Humans must refresh themselves in nature’s presence and beauty. They attentively absorb and observe their surroundings to extract the beauty that the earth has to give.

This is a higher level yearning to relate to the environment in a beautiful way. It leads to a lovely sensation of intimacy with nature and everything beautiful.

7. Self-actualization

Self-actualization requirements are the highest level in Maslow’s hierarchy and correspond to a person’s potential realization, self-fulfillment, personal growth, and peak experiences.

Maslow (1943) defines this level as the ambition to achieve all possible and become the best one can be.

Individuals may sense or focus on this need with great intensity. For example, one person may have a great desire to become the perfect parent. In another, the ambition could be manifested financially, academically, or athletically. Others may express it creatively through paintings, drawings, or inventions.

8. Needs for self-transcendence

Maslow later divided the top of the triangle to include self-transcendence, commonly known as spiritual needs. Spiritual needs are distinct from other needs in that they can be met on multiple levels.

When this desire is fulfilled, it produces sentiments of integrity and elevates things to a higher degree of existence. – A person is motivated by values beyond the individual ego.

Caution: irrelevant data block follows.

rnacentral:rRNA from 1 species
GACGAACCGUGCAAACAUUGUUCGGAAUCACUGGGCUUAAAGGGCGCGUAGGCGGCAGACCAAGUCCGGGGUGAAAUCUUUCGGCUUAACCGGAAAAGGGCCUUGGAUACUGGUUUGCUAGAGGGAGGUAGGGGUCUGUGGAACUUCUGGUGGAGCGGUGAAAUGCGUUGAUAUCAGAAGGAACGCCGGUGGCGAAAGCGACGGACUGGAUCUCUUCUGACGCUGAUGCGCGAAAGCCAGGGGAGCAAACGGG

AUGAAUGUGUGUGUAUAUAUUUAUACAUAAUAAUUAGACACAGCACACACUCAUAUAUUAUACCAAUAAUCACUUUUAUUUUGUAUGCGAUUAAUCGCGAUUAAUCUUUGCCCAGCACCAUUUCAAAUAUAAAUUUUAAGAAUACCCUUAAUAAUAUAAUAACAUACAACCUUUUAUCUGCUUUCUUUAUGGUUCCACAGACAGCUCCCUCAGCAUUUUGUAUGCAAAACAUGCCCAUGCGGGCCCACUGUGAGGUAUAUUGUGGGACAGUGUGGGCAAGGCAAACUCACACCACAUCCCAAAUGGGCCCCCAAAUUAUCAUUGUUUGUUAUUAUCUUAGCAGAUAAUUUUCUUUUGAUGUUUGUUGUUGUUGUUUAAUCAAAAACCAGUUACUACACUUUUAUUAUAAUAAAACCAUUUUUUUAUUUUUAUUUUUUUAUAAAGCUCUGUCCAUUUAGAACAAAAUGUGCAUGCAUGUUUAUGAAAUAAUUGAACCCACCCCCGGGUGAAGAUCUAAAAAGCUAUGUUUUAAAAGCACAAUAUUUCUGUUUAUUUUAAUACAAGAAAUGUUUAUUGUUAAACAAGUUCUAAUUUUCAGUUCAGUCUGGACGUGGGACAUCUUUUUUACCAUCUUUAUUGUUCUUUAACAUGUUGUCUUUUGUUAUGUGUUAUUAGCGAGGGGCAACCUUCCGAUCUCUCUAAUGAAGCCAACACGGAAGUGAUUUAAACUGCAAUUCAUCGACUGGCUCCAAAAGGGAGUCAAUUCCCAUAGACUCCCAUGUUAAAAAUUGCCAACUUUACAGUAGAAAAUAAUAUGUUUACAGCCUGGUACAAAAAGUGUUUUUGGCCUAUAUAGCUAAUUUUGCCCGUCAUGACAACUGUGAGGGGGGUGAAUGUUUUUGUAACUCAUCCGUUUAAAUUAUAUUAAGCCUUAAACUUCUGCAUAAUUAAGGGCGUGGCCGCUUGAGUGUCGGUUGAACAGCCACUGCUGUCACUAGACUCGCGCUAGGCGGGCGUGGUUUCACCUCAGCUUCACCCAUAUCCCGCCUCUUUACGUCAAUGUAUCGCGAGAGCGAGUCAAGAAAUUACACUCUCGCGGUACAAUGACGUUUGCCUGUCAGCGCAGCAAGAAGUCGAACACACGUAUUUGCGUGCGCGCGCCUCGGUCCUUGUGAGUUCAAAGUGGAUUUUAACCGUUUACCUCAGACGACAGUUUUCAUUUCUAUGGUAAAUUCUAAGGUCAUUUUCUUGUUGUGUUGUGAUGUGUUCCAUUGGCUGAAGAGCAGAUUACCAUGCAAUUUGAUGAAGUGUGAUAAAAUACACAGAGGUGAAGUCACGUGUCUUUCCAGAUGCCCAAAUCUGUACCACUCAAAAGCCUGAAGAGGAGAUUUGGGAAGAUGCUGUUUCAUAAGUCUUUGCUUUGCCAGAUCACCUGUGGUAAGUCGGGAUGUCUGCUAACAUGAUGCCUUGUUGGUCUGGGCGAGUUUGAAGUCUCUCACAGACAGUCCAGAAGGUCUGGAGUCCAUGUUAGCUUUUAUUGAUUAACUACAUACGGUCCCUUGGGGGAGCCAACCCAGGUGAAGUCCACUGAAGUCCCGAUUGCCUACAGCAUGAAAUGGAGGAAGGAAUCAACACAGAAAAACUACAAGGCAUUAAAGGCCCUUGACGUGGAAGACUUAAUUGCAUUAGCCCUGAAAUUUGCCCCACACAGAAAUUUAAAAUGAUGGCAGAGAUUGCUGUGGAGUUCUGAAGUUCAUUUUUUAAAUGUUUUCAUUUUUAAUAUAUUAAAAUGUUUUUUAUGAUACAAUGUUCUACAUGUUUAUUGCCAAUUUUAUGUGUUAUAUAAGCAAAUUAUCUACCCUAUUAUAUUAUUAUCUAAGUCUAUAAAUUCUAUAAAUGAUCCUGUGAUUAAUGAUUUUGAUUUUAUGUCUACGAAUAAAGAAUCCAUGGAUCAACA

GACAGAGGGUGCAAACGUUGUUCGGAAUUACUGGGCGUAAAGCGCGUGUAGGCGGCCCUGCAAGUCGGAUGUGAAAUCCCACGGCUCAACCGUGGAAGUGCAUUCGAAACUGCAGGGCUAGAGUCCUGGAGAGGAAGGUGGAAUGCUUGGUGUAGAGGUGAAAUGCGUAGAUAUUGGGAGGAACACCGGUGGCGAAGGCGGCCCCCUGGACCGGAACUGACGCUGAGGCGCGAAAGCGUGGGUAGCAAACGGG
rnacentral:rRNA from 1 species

Examples include mystical experiences and specific experiences with nature, aesthetic experiences, sexual experiences, service to others, the pursuit of science, religious faith, etc.

Difference Between Deficiency Need and Growth Need

This five-stage level of needs below can be separated into two parts: deficiency needs and growth need.

The needs are listed in the following order: physiological (food and clothing), safety (work security), love and belonging (friendship), esteem, and self-actualization.

Lower-level needs must be met before persons can attend to higher-level requirements.

The first four levels are known as deficiency needs (D-needs), whereas the top level is known as growth need (B-need).

Deficiency needs occur as a result of deprivation and are considered to motivate people when they go unsatisfied. Furthermore, the drive to meet such wants grows stronger the longer they are denied. The longer a person goes without eating, the more hungry they will become.

Maslow (1943) first suggested that individuals must meet lower-level deficit requirements before moving on to higher-level growth needs.

He further explained that need satisfaction is not an “all-or-nothing” phenomenon. This implies that a need must be met 100 percent before the next need occurs.

When a deficit need is satisfied, our efforts become directed towards meeting the next set of requirements we are yet to satisfy. These then become our most pressing requirements. However, growth demands continue to be felt and may even intensify once addressed.

To Wrap Up

Maslow, as a humanist, thought that people have an inborn drive to be self-actualized or achieve their full potential. However, to accomplish this ultimate aim, a variety of more basic demands must be addressed.

These demands or wants are analogous to instincts and play a significant role in motivating behavior. Overall, Maslow was interested in discovering what makes individuals happy and what they do to reach that goal.

Frequently asked questions

What is Maslow’s Hierarchy of Needs and why is it important?